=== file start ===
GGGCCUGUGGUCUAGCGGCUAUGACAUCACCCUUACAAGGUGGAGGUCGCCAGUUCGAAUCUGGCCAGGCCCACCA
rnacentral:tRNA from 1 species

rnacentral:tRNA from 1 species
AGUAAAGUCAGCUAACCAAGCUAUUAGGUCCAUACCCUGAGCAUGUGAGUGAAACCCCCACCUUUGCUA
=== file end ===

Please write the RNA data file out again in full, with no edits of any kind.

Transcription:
GGGCCUGUGGUCUAGCGGCUAUGACAUCACCCUUACAAGGUGGAGGUCGCCAGUUCGAAUCUGGCCAGGCCCACCA
rnacentral:tRNA from 1 species

rnacentral:tRNA from 1 species
AGUAAAGUCAGCUAACCAAGCUAUUAGGUCCAUACCCUGAGCAUGUGAGUGAAACCCCCACCUUUGCUA